Crocheted balls are made of yarn and are warm to touch, unlike the plastic or rubber balls that can easily be purchased off the rack. The details on the balls tell a story – how many times the yarns moved back and forth to create mesmerizing patterns, hours spent to form the sphere, and the struggles in following the instructions. The crocheted balls are full of love, care, and warmth that our eyes teared up when we received the boxes from Craft MNL and Gantsilyo Guru!

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Some balls came with heartwarming notes, too!

Inside the box were paper bags, plastic bags, newspaper,  and bags made of cloth, each containing crocheted balls. What’s interesting is that some even included letters and drawings for the survivors of the Marawi siege. We initially asked for 48 balls, but we received a whopping 353!

We shared the crocheted balls with the young survivors of the Marawi siege during the first mission of Creating Sinag Within. The looks on their faces when they saw the balls tugged at our heartstrings that’s why we are so grateful to those who shared their talent and crafted these crocheted balls for them. Emergency pedagogy sessions became even more colorful because aside from playing with a parachute, the kids also passed the crocheted balls around while singing songs.

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Suli, one of the volunteers of Creating Sinag Within, joins the young survivors in passing the crocheted balls. 

For some, crocheted balls are no more than just balls made of yarn but for the young survivors, these balls symbolize happy times. These balls helped them go back to being kids again. They felt the love, care, and nurturing of the generous makers of the crocheted balls even if they were not present during the activity. They felt that they’re worth someone’s time, that they’re worth someone’s effort, and for someone who had to deal with living in an inconvenient environment far from home, that means a lot.

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Young survivors proudly raise the crocheted balls before the activity. 

If you’re one of the makers of the crocheted balls, this is for you. I want you to know that you made a young survivor happy by crocheting those balls for them. In a few weeks, we will see them play with the balls again as they go on with their journey to creating sinag within. Continue to hold them in the light!

Counting Tuesdays

I’m writing this because unlike most of my friends, I believe that 2016 deserves an essay from me. I experienced the lowest of lows that year and I have no idea how I managed to survive all of that. To say 2016 is full of crap wouldn’t be fair to all of the good things that happened last year. With lows are highs, with highs are lows, and the space in between is big enough to make room for learning and realization.

Nope, this isn’t a resolution post because I know at some point this year I’ll be breaking my own rules. I’m just writing this to resurrect my blog and to pay tribute to all the events that happened last year. It’s also a post I intend to go back to, should I doubt myself once again in the future.

So, here we go. In 2016, I learned…

That Every Minute Is Literally A Chance to Turn It All Around

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Words of wisdom c/o A. (c) 2016 | Canon 550D

There are so many things that I don’t post on social media mainly because I feel like they shouldn’t be there. I’ve actually been struggling with the whole sharing my life vs keeping things private shiz that’s why I’ve been on and off with my blogging. On one hand yes it’s fun to have an audience and thousands of followers, but on the other hand, it’s not fun to have an audience and thousands of followers. Anyway, back to the story. I found myself in a hellhole that started around April. It was tough and at some point I wanted to give up. Good thing I had my family, and close friends with me that time because they pulled me back up with I hit rock bottom. The problem would have lingered a lot longer if I didn’t decide to put an end to it by looking for ways to solve it.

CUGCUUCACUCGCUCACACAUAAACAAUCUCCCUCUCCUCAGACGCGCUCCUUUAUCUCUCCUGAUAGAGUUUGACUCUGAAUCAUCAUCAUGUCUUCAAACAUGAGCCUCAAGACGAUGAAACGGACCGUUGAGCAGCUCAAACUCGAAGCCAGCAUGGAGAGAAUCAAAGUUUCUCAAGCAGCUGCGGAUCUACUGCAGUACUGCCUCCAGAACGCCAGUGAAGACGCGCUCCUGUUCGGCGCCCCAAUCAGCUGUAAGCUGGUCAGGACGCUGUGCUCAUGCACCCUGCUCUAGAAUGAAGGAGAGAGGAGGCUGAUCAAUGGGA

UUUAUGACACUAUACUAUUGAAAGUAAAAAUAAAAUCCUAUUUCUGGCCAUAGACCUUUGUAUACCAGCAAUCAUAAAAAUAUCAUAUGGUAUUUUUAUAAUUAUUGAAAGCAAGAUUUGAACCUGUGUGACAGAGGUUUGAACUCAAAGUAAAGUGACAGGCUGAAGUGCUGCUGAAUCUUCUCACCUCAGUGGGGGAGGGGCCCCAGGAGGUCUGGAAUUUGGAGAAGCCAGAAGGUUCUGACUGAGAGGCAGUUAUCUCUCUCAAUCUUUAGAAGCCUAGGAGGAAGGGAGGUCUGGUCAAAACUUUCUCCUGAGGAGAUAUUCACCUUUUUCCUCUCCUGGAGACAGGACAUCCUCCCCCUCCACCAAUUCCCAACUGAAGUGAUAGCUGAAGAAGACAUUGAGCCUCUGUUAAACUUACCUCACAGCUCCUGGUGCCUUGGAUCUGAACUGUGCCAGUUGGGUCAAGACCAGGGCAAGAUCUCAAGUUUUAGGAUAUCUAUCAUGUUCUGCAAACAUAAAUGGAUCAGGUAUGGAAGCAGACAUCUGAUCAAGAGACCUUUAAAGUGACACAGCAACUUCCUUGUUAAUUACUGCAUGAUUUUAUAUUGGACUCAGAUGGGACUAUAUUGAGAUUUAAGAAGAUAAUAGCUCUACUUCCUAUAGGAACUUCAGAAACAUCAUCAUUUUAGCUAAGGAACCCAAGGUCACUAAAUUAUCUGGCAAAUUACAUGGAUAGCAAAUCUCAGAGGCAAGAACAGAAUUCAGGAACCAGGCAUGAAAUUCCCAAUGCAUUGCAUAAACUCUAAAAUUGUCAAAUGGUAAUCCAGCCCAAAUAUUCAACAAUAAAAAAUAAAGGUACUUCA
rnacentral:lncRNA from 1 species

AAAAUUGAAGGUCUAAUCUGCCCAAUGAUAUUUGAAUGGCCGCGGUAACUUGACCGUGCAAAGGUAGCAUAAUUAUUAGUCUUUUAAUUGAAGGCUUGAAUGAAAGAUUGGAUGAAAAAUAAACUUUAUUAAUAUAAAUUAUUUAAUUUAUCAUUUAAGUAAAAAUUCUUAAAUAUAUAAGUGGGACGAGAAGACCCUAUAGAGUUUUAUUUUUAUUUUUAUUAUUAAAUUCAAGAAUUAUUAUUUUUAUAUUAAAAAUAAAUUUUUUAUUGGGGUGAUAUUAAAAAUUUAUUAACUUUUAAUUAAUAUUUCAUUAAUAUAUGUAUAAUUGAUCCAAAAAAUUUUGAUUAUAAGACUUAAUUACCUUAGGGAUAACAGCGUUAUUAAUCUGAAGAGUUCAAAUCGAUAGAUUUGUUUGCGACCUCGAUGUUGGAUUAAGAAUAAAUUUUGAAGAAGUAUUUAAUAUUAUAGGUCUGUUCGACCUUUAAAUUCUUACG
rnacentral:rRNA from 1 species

That the Sun Shines Equally On Everybody

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Sun catchers | (c) 2016, Canon 550D

Some days I agree with it, some days I don’t. I mean really, how can the sun shine on the murderers, the rapists, the robbers, the naysayers, or people who don’t have at least 1% of kindness in their hearts? How can the sun shine on those who gave me a hard time? How can the sun shine on all the douchebags who broke my heart?

But the more humbling question is, who am I to decide?

I first heard about it in August and I’m still not able to digest it. On the days that my higher self is more dominant, the statement makes perfect sense. When you set your judgement aside, you’ll be able to see that indeed, the sun shines equally on all of us. However, when the higher self decides to go on a vacation, that’s when all the questions begin to appear. This is something that I’ll have to keep going back to during reflection and meditation.

That I Have to be Kinder to Myself

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I | (c) 2016, Canon 550D

I went on an art therapy session once and the funny thing is, my art revealed the things I tried so hard to conceal. Of course the things discussed during the session won’t be revealed here, but if there’s one realization that struck me, it’s that I have to be kinder to myself. It’s easy to be kind to other people but it’s hard when the same amount of kindness has to be given to ourselves.

That Grieving is Personal

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My babies | (c) 2016, Asus Zenfone

When Marley and Roxy died, people were quick to tell me that it’s okay, they’re just dogs and that I should move on. I tried my best to filter out the words of nosy naysayers because really, what do they know? I took my own sweet time to process, recover, and accept their deaths. Some say I’m taking an awfully long time to move on, but for me, the speed is just right. I also don’t believe in moving on because that means having to cancel out their existence and forgetting about them. I’d rather move forward. I wear my scars with pride, and I carry their memory everywhere I go. This is also why this entry is entitled Counting Tuesdays because both dogs died on a Tuesday, both dogs died last year, and it feels like the perfect title for a tribute post to the year that was.